As part of the show this year, the Superheroes stood behind all the kids right before the curtain opened.  The kids were all talking to each other, with this kind of nervous excitement and all of the sudden one of the little boys looked at me and said “Hey Iron Man, I have stage fright” to which I responded with my truth “Me too, and I’m Iron Man”. He smiled and I told him he was going to have so much fun out there.  After I left the stage and the kids were dancing I took a second to appreciate how cool a moment that was.  That little boy just needed a little encouragement, so he looked to a Superhero to help him out.  Of course he went out and crushed it on stage, but it got me thinking.  All those kids had their own Superhero every week that helped get them to the stage.  All the hours the teachers put in, all the moments of doubt that they coached through.  I only got to see it once, but they do that with almost a thousand kids over the course of the weekend.  The teachers instill a superpower in those kids to hit that stage.  The superpower stays with those kids.  Being backstage a bit this year, there was a ton of examples of the older kids passing their superpower down to the little ones.  It is really inspiring to see.  The older kids spend so much time with the little ones backstage.  You can see the pride the older kids take in helping the “not so sure of themselves” kids.  The older ones seem to remember what it was like for them, and they know exactly what to say to push the younger kids to try.  I’m so grateful my kids are in this program.

I’ve been to a million recitals.  As the kids get older I get WAY more out of them than I thought I could.  This year for example I got to see my God daughter’s first recital.  I’m not sure who had more fun during it, her, or her entourage of 15 or so that could not stop smiling watching her up there.  It was breathtaking.  But, I will tell you my favorite memory.  My oldest daughter has danced in 10 recitals, summer shows, school plays, literally hundreds of dances, but I got to see her first time on Pointe.  If you don’t know what that is, it is basically when they go up on their toes and dance.  That’s about as technical as I can get on it.  They dance on their toes…shows I still have a lot to learn. If you have seen it, it is pretty cool.  For me, it was like an out of body experience.  She was dancing, and all I could think of was the hours of practice, the sewing of the shoes, her feet taking a beating, the tears from pain, and the tears of joy, all of that, for 2 minutes on stage.  I’m surprised I didn’t drown in my own tears watching that.  After all these years, all these performances she can still turn me into a mess just by floating on a stage like she owns it.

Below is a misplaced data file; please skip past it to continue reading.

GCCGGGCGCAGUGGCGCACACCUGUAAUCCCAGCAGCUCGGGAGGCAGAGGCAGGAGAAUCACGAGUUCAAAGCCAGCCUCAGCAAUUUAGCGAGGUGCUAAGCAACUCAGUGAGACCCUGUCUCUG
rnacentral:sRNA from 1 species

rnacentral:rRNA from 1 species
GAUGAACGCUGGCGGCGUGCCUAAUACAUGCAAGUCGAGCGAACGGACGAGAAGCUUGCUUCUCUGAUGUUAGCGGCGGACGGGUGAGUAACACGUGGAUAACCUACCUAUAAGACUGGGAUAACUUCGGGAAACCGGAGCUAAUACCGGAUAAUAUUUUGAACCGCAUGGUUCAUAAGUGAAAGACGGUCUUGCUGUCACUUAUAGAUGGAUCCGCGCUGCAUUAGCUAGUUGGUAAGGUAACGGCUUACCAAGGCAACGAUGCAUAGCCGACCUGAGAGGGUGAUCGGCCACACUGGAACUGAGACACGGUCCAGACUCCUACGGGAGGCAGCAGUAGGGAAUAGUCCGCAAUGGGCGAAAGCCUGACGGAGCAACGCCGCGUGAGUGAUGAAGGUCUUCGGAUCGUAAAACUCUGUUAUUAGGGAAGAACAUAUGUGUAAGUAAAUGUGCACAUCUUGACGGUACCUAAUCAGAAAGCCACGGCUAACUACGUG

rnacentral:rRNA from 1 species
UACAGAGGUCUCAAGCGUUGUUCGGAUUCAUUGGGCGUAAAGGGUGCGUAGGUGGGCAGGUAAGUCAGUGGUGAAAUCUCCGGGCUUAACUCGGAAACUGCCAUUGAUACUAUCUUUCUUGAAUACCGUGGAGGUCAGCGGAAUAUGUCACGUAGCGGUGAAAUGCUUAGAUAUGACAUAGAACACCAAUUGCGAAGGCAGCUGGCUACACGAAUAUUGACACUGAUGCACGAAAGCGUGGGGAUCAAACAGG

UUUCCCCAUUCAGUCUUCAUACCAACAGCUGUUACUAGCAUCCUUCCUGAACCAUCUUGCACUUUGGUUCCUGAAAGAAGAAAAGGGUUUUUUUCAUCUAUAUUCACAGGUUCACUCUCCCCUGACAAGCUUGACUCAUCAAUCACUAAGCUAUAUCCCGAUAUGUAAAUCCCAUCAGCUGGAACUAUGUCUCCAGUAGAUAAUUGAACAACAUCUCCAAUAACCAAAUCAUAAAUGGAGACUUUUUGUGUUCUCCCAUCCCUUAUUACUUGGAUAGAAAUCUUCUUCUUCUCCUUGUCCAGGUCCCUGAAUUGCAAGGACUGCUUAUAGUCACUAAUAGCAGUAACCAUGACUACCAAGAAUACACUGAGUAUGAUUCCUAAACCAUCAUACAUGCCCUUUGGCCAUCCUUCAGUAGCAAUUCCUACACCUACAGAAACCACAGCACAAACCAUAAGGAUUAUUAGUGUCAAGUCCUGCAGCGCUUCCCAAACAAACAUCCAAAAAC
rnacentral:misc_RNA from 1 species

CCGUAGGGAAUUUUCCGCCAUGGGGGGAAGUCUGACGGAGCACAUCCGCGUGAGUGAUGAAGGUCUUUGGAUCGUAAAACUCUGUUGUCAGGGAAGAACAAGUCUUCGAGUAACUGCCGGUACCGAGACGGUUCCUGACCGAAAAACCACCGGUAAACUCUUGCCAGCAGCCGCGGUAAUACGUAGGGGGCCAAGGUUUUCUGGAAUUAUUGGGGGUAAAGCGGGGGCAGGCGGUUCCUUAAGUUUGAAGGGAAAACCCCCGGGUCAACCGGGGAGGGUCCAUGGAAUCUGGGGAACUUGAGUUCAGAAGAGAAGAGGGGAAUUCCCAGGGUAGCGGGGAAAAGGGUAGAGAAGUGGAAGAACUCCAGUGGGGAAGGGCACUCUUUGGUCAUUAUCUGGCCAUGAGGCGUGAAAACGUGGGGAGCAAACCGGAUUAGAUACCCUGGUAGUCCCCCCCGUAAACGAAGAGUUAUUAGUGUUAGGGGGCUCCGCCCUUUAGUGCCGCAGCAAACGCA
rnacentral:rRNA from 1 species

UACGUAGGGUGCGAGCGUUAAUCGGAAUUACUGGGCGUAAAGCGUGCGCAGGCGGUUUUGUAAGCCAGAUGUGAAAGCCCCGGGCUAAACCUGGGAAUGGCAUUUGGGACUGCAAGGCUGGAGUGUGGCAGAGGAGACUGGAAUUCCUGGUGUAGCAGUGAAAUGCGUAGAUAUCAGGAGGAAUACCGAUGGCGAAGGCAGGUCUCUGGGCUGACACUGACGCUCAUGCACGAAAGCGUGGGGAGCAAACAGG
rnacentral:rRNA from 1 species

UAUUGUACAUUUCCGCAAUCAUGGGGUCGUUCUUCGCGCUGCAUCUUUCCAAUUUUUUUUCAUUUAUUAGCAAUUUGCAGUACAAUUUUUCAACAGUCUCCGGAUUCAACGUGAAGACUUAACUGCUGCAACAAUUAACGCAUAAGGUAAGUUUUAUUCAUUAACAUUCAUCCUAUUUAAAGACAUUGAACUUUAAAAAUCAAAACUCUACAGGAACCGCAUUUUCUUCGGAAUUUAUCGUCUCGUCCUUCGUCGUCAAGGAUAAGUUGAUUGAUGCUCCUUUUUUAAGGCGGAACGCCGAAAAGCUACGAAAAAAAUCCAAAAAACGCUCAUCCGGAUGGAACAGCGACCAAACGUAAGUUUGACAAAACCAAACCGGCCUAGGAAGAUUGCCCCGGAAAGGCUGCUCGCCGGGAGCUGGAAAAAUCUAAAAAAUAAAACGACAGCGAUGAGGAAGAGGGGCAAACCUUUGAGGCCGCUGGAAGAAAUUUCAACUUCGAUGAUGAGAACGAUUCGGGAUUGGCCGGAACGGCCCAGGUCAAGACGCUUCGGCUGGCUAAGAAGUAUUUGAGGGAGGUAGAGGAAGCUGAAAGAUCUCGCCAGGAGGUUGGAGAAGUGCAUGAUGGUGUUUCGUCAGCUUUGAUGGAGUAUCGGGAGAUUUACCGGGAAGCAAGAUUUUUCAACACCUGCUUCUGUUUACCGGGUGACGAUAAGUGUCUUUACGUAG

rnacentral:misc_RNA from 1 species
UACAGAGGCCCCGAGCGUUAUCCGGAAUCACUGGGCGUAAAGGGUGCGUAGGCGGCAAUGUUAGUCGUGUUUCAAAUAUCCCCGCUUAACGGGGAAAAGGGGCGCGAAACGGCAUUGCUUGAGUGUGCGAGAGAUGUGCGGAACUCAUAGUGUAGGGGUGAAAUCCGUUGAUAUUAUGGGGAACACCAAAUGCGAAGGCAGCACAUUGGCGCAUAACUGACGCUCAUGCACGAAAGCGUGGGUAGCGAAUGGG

The recital is always on Father’s Day weekend.  I do the obligatory “can’t believe I have to do this on Father’s Day” talk with the guys, but for most of us there I think we realize we are watching our kids live out a dream.  It makes me realize just how lucky I am.  There are hundreds of Dads at the dance studio, hundreds of guys who could have been asked to dress up like a Superhero, go on stage and sweat all day long.  But, I was part of the group that was asked first.  That’s a very humbling thing if you think about it.  My wife, my kids want me to be in their lives.  They want me to make a fool of myself in front of their friends.   Who’s luckier than me??

Find your tribe.  Recognize and appreciate the opportunities the people in your lives give you to be in theirs.  Jump at those chances as you never know when they will stop asking.  Embarrass yourself sometimes.  We are only here once.  Get the most out of it while you can.